HPPR Economy and Enterprise

Agriculture:
crop production
crop irrigation
livestock production
dairy production
research & development

Energy
oil & gas production
wind energy
biofuels production
food processing
manufacturing

Transportation & telecommunications
rail service
air service
highways
internet service

Economic indicators & conditions:
workforce demographics
employment rates
land values
tax collections

Entrepreneurship:
small business development
technology application
innovation

tacticalminc.com

In Kansas, The Kansas Health Institute recently reported that more than 10,000 Kansans applied or Medicaid or CHIP (Children’s Health Insurance Program) in January.  That is an increase of 20% over the monthly average since the Affordable Care Act’s insurance marketplace was launched.

wvut.org

Folks living in rural areas across the High Plains know when the weather is warm, propane is cheap.  When it gets cold, both demand and the price go up.  But, this season the price skyrocketed to unheard of levels due to the combination of the Fukushima Nuclear Power Plant disaster, wet corn, and a string of winter storms. according to a recent article from StateImpact Oklahoma.

mysafetysign.com

Hydrochloric acid is commonly using in horizontal drilling because it’s relatively cheap, but companies are looking for safer alternatives to protect workers and the environment reported StateImpact Oklahoma

Mark Holm / nytimes.com

Colorado, Kansas, and New Mexico have until the end of the year to improve the railroad track or lose the Southwest Chief passenger rail line.  According to The New York Times Amtrak has asked the three states to put up $40 million over the next 20 years to help pay for track upgrades and maintenance to keep the track viable.  Unless all three states pitch in, Amtrak says it will potentially drop nine small-town stations in favor of existing track in Texas and Oklahoma. 

Grant Gerlock/Harvest Public Media

The average age of American farmers has been climbing for decades, and many say rural towns are at-risk without new blood. There are enough people who want to farm, but there’s trouble connecting beginning farmers and the communities that need them.

Amy Mayer/Harvest Public Media

On a frigid winter day, Chad Hart tries to warm his economics students at Iowa State University to the idea of managing some of the risk of farming using the commodity markets. Because, as he told them on the first day of class, farmers don’t make money planting or harvesting crops; they make money selling them. And Hart knows that marketing—managing those sales for the best profit—can be intimidating.

Grant Gerlock/Harvest Public Media

When it comes to keeping data secure, farmers are worried about some of the same issues as the rest of us. Precision data from the farm could help drive new levels of productivity, but farmers have to decide just how much they want to share.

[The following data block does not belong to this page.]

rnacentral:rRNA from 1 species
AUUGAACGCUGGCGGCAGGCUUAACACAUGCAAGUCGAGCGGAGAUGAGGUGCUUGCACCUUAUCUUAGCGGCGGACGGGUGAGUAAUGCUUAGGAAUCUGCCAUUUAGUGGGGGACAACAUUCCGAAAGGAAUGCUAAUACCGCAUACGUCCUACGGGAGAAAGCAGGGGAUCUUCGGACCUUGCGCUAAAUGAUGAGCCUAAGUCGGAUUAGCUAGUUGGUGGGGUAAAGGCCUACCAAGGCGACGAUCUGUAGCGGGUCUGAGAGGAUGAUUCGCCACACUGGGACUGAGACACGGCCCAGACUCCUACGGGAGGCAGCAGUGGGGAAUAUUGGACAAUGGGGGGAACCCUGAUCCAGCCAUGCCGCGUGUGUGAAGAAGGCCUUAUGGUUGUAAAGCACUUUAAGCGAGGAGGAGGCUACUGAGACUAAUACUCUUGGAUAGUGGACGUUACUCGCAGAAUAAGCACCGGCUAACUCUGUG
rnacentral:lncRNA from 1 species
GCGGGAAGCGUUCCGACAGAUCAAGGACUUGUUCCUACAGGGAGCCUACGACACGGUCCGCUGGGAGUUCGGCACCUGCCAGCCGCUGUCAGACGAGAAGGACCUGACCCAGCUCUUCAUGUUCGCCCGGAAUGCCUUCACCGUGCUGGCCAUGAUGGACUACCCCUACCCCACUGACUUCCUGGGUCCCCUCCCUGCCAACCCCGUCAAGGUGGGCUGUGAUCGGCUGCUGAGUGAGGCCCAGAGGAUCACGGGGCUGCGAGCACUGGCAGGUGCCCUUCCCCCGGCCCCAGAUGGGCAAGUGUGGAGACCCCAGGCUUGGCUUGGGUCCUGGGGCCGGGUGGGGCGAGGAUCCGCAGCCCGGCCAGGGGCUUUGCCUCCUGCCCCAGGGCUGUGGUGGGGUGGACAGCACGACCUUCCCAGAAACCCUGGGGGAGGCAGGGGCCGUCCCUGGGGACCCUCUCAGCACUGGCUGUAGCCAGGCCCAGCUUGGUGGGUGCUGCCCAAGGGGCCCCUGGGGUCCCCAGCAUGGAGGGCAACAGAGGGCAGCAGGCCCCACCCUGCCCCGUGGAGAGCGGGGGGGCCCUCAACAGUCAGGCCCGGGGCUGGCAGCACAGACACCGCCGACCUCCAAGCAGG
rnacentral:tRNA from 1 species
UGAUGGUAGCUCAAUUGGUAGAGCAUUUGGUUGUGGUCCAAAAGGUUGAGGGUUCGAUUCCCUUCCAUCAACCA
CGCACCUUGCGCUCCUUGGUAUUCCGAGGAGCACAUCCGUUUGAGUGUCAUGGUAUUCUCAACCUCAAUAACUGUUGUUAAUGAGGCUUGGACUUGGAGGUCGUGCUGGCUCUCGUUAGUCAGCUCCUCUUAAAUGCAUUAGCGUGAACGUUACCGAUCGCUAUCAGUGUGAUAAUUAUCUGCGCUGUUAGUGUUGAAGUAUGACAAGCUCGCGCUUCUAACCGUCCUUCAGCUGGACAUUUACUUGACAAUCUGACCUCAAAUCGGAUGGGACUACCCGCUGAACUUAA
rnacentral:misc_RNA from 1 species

Precision agriculture started with satellite-guided tractors and maps recording pinpoint levels of grain yields during harvest. But farmers like Dave Beck are taking the next step.

Abbie Fentress Swanson/Harvest Public Media

The growth of the dairy industry across the High Plains has been a boon to the economy and communities of the region.  Urbanization and increasing regulation in states such as California are often cited as the reason for the migration of large dairies to our area.  But there’s also on overall industry consolidation underway that’s driving out small producers from nearby states, including dairyman Donnie Davidson and others in Missouri, as profiled in this story from Harvest Public Media.

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Donnie Davidson’s family has been producing bottled milk in Holden, Mo., since the 1930s. But the 63-year-old farmer decided to sell his herd of 50 milking cows in November after the roof on one of his barns collapsed from last winter’s snow.

Ben Hasson / Texas Tribune

50% of households in Texas are "liquid-asset poor," or lack the savings to pay for three months of basic expenses, according to a report released last week by a non-profit that seeks to alleviate poverty.

Travel Aficionado / Flickr

On December 31, the federal production tax credit for renewable energy expired. In Oklahoma, this stimulated 12,300 megawatts of wind projects to begin construction ahead of the deadline.

propane.pro

The cost of propane is breaking records.  The U.S. Energy Information Administration (EIA) lists the current average price nationwide at just over four dollars per gallon.  That’s more than a dollar higher than last week said a recent article in StateImpact Oklahoma.

Luke Runyon/Harvest Public Media

Colorado made history when it opened up licensed marijuana retail shops this year. Aside from just legalizing the purchase of smoke-able marijuana, it also means pot brownies have the potential to be big business. Food products infused with marijuana’s psychoactive ingredient, THC, are available in stores across the state.

Matthew Starver / nytimes.com

The National Western Stock Show in Denver, Colorado, has been a diamond in the crown of cowboy life for over 100 years.  It also is a reflection of the way life is changing at home on the range.  

amarillo.com